Can The Air Quality Of Homes Be Responsible For The Occurrence Of Asthma?

Young woman using an inhaler during an asthma attack.

Written By Lucy Peters

Approximately one in 13 people live with asthma, according to the Center For Disease Control. That equates to 25 million adults and children in America that are going through the daily routine of avoiding asthma attacks and triggers. While one of the most commonly cited triggers is outdoor pollen, there is also overwhelming evidence that the quality of the indoor environment can just as easily trigger or cause asthma or related illnesses. Around two-thirds of people living with asthma say that the air quality worsens their symptoms. However, a key part of resolving this lies in understanding the indoor elements that can trigger asthma and educating asthma patients on avoiding these triggers.

Tobacco And Indoor Smoke

The presence of smoke has been well documented as a trigger for both asthma and asthma-related illnesses such as lung disease. People living with asthma who are exposed to second-hand smoke from cigarettes are more like to have an asthma attack or develop sinus infections. Children also face an increased risk of developing respiratory illnesses and airway inflammation. In 2009, toxic fumes given off by candles was also shown to increase indoor air particulates. This has been shown to compromise lung and respiratory function. Instead, patients can opt for paraffin-free alternatives and maintain moderation when lighting candles to avoid these effects. For tobacco smoke, avoiding smoking in the home or close to it minimizes contact with it.

The Presence And Encouragement Of Allergens  

The presence of certain allergens in the home can cause both asthma and allergies related conditions, including eczema and exercise-induced bronchoconstriction. The American College of Allergy, Asthma and Immunology estimates that around 90 percent of those with asthma also have exercise-induced bronchoconstriction (EIB). The symptoms include tight chest feelings, sneezing and other signs commonly seen with seasonal and outdoor allergies. However, the triggers can also include pet dander, dust mites and cockroaches – all synonymous with the indoor environment. Other studies have shown that exposure to dust mites and termites such as cockroaches is a key trigger of asthma in children. However, a Tulane University study showed that the use of elimination measures such as cockroach bait in a home resulted in as many as 50 fewer days of asthma symptoms a year.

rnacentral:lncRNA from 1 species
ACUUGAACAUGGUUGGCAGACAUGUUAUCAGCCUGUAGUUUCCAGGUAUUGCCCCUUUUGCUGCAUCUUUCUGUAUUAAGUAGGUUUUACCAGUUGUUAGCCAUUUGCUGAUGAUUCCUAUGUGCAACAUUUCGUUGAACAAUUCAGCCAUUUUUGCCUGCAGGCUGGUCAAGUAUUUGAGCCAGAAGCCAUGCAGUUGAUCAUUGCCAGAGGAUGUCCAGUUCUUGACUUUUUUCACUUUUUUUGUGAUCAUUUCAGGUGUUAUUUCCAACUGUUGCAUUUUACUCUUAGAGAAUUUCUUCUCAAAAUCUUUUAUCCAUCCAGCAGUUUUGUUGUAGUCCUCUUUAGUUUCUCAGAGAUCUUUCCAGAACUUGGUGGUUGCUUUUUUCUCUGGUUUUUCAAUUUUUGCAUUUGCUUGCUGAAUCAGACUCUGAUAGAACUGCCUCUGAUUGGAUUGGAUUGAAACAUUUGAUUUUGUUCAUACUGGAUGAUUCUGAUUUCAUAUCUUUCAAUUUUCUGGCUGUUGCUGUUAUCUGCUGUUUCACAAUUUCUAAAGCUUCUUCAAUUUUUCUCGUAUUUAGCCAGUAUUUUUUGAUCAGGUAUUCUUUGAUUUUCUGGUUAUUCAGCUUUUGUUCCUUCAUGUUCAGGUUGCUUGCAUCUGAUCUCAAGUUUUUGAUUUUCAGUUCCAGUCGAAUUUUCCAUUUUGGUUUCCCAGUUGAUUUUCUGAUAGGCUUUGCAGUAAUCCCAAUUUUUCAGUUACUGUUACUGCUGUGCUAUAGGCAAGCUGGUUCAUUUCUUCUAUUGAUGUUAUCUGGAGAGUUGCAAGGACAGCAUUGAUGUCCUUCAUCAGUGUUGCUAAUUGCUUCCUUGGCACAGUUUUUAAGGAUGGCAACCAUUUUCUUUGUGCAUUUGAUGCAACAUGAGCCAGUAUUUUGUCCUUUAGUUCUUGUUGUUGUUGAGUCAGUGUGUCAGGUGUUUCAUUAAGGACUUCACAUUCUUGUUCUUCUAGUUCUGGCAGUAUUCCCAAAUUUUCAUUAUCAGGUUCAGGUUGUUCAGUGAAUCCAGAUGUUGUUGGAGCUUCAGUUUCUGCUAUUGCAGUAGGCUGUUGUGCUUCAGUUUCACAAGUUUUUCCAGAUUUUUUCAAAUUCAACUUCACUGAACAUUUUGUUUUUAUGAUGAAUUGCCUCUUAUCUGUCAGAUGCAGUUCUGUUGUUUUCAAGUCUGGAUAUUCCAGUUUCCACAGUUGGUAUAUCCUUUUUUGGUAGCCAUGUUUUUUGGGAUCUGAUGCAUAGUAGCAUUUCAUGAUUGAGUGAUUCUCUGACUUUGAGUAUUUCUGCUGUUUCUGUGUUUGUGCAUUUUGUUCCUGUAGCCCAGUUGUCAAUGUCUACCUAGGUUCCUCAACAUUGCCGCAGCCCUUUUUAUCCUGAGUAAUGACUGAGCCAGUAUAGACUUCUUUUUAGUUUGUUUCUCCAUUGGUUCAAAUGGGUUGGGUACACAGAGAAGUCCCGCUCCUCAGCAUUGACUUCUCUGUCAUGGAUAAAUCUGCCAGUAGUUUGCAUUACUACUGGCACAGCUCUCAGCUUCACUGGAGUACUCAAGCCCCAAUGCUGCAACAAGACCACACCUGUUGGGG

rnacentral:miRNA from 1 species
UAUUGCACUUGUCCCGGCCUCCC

The reduction of these allergens to aid indoor air quality revolves around simple ongoing habits in the home like identifying the source of allergens such as pets, bedding, wall to wall carpet and damp areas. To avoid dust mites, the practice of weekly cleaning habits such as vacuuming and wiping down any surfaces that may attract dust can help. For those with pets, regular brushing and bathing may help reduce the shedding of pet dander. Steps can also be taken to reduce the buildup of moisture in the home by addressing any leaks, using a humidifier, and opening windows after a shower. A damp environment fosters the growth of slow-growing fungi like Stachybotrys, which releases airborne mold spores and can cause skin rashes, breathing difficulties and lung disease. Exposure to mold types like black mold has been shown to trigger severe asthma attacks in asthma patients.

Transmission Of Outdoor Air Pollution

While proper ventilation of the home is key to preventing humidity buildup, it is also important to limit the transfer of outdoor pollens to the indoor environments. Several studies have shown that lengthened exposure to air pollution can both exacerbate and cause asthma in children and adults. Pregnant women who have been exposed to high levels of pollution are not only more likely to develop asthma, but their unborn child is also more likely to develop the condition or have a compromised immune system.

Checking pollution forecasts for high pollen times can identify ideal times to close windows and other openings of the building. Additionally, asthma patients can utilize extractor fans and air conditioners to remove any existing pollens in the home. Finally, ensuring the doors and windows are properly sealed can help avoid outdoor irritants like pollen or smoke from entering the home.

Finally, if the current indoor environment contains any of these triggers, being aware of the early signs of asthma or asthma-related illness will alert patients about when to seek medical help. Frequent coughing, shortness of breath, nasal congestion and other signs of allergies may indicate it may be time to speak to a doctor.